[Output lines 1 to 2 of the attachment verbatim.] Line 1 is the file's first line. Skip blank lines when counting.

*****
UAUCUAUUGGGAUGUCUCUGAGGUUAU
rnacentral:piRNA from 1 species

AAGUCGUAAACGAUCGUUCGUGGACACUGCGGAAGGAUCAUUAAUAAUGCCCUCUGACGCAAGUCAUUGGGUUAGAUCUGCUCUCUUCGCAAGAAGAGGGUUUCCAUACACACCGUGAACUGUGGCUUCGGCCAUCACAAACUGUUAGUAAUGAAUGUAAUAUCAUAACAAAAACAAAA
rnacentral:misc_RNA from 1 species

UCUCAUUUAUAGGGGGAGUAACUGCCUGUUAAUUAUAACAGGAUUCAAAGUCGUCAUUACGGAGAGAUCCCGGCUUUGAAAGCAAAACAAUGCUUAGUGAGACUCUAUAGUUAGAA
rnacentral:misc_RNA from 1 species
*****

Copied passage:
UAUCUAUUGGGAUGUCUCUGAGGUUAU
rnacentral:piRNA from 1 species